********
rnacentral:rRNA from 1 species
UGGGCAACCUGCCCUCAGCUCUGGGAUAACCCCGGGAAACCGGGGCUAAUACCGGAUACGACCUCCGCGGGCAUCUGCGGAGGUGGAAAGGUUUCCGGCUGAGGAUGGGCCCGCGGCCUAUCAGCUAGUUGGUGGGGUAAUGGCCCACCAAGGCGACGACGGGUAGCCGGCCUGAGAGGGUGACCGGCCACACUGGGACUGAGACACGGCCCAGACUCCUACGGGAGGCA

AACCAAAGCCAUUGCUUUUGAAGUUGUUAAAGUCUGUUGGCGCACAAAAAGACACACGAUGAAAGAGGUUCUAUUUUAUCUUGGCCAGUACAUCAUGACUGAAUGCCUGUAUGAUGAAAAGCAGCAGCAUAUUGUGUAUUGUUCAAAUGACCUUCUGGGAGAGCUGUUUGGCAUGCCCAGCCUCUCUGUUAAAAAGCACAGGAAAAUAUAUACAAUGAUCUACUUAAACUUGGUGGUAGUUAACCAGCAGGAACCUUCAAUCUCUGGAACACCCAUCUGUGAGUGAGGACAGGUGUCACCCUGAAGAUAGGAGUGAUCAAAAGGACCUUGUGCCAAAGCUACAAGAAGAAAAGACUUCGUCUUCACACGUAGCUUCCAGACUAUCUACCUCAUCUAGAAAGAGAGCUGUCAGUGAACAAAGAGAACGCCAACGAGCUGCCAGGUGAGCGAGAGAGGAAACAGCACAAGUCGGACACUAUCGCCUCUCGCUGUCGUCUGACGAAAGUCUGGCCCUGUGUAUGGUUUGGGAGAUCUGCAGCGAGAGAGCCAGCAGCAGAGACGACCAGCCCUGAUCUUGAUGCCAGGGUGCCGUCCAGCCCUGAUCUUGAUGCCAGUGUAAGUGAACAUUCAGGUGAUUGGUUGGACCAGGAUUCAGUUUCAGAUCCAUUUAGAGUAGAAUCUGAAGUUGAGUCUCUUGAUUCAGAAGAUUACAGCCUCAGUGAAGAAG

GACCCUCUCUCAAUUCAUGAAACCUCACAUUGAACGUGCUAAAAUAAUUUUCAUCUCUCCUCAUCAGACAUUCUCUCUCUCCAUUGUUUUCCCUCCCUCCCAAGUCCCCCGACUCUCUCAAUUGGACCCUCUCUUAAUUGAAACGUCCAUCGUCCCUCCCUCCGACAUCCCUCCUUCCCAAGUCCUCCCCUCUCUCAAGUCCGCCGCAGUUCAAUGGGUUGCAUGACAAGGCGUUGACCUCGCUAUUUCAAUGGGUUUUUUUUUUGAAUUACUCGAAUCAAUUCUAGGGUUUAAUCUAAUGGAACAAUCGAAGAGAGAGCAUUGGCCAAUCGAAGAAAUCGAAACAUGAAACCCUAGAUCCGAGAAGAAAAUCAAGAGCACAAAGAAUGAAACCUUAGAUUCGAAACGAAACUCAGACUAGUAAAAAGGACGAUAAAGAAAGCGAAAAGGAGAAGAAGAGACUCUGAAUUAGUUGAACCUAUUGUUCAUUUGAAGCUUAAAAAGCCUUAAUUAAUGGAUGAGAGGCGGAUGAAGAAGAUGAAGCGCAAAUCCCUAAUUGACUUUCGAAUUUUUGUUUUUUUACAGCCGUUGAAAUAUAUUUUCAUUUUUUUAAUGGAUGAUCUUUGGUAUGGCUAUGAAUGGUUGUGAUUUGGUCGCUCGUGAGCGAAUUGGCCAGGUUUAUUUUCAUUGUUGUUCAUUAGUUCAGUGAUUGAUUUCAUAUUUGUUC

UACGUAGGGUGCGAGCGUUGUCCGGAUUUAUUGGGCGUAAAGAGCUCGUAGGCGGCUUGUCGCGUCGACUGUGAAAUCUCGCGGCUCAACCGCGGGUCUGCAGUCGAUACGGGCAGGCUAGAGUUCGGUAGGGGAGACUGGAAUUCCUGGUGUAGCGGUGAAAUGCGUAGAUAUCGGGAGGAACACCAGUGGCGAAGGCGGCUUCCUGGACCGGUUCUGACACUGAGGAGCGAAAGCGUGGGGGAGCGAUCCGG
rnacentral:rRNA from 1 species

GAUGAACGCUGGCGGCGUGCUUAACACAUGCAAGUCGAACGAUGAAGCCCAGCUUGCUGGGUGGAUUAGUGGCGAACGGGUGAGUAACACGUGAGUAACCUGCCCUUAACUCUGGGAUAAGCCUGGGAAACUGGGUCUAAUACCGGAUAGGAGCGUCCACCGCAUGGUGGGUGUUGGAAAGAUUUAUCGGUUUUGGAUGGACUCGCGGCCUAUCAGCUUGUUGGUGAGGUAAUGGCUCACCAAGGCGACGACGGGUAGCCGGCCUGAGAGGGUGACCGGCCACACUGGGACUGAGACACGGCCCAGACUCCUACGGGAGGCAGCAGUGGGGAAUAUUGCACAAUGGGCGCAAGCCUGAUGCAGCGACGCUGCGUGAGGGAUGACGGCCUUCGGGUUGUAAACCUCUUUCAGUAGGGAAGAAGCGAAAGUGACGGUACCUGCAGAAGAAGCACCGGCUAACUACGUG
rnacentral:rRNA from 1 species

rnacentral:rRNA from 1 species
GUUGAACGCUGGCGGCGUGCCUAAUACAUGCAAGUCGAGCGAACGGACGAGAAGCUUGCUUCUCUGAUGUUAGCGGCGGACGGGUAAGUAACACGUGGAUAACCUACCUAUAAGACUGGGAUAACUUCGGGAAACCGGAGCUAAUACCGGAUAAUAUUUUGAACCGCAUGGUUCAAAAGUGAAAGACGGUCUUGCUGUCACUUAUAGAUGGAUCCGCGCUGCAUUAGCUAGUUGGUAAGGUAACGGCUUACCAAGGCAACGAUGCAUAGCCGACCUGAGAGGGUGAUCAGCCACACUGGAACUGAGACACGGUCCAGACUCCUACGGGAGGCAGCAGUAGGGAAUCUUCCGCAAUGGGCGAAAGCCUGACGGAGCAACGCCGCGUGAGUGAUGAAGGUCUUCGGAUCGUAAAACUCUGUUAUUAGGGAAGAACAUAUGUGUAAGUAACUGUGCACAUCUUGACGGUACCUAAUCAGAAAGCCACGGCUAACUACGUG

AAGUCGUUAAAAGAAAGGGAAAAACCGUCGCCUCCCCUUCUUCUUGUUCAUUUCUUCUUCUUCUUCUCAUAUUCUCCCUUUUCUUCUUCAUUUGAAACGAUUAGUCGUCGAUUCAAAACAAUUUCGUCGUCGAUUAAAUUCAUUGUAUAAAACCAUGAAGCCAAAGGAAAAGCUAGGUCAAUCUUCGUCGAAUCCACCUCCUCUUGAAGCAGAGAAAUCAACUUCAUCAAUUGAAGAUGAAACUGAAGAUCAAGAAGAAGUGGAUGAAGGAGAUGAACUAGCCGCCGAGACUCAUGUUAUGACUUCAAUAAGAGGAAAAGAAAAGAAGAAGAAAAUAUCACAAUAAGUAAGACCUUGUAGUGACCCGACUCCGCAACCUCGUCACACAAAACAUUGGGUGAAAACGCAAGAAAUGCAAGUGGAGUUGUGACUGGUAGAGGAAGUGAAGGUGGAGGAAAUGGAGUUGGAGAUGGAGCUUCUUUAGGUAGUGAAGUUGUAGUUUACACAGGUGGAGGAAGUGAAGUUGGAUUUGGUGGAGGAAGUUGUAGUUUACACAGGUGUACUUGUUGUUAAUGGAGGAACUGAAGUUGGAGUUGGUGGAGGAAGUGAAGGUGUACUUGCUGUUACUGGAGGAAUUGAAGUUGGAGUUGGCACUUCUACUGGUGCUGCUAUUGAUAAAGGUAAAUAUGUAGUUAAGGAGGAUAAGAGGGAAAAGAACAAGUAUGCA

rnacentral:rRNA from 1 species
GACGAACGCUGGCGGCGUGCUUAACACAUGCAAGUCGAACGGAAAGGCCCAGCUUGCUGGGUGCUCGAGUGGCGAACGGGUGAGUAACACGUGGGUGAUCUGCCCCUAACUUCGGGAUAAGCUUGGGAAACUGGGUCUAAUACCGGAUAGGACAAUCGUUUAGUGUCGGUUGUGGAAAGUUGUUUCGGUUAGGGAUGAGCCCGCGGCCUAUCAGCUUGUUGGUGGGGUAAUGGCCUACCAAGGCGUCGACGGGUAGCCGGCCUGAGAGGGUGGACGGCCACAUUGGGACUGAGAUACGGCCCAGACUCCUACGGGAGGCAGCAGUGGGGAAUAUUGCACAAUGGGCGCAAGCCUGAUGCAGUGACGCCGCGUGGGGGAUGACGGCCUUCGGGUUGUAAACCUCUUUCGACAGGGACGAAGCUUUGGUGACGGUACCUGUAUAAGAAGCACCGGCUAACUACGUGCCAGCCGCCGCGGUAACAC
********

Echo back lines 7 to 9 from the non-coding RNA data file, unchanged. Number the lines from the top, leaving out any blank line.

GAUGAACGCUGGCGGCGUGCUUAACACAUGCAAGUCGAACGAUGAAGCCCAGCUUGCUGGGUGGAUUAGUGGCGAACGGGUGAGUAACACGUGAGUAACCUGCCCUUAACUCUGGGAUAAGCCUGGGAAACUGGGUCUAAUACCGGAUAGGAGCGUCCACCGCAUGGUGGGUGUUGGAAAGAUUUAUCGGUUUUGGAUGGACUCGCGGCCUAUCAGCUUGUUGGUGAGGUAAUGGCUCACCAAGGCGACGACGGGUAGCCGGCCUGAGAGGGUGACCGGCCACACUGGGACUGAGACACGGCCCAGACUCCUACGGGAGGCAGCAGUGGGGAAUAUUGCACAAUGGGCGCAAGCCUGAUGCAGCGACGCUGCGUGAGGGAUGACGGCCUUCGGGUUGUAAACCUCUUUCAGUAGGGAAGAAGCGAAAGUGACGGUACCUGCAGAAGAAGCACCGGCUAACUACGUG
rnacentral:rRNA from 1 species

rnacentral:rRNA from 1 species